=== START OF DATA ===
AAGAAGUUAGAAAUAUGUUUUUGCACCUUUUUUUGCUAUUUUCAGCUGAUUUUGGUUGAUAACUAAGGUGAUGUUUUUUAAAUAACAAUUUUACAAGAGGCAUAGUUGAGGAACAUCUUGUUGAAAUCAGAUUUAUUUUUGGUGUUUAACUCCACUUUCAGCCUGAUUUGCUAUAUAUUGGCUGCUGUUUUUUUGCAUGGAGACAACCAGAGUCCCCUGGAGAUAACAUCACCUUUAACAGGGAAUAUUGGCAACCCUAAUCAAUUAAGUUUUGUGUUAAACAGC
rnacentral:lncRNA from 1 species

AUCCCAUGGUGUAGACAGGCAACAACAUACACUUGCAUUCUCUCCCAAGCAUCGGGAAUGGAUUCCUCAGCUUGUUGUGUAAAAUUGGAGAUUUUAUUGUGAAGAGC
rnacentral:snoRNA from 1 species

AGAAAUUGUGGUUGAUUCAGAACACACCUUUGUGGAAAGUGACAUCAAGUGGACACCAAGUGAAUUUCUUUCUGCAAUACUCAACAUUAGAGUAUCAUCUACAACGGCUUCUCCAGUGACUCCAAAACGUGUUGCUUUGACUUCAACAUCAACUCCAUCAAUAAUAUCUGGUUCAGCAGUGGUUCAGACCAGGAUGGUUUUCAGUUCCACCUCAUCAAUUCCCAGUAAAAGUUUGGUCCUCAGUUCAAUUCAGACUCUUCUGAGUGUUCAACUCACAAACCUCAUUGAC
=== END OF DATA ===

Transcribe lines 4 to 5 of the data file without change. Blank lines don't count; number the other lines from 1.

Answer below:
rnacentral:snoRNA from 1 species

AGAAAUUGUGGUUGAUUCAGAACACACCUUUGUGGAAAGUGACAUCAAGUGGACACCAAGUGAAUUUCUUUCUGCAAUACUCAACAUUAGAGUAUCAUCUACAACGGCUUCUCCAGUGACUCCAAAACGUGUUGCUUUGACUUCAACAUCAACUCCAUCAAUAAUAUCUGGUUCAGCAGUGGUUCAGACCAGGAUGGUUUUCAGUUCCACCUCAUCAAUUCCCAGUAAAAGUUUGGUCCUCAGUUCAAUUCAGACUCUUCUGAGUGUUCAACUCACAAACCUCAUUGAC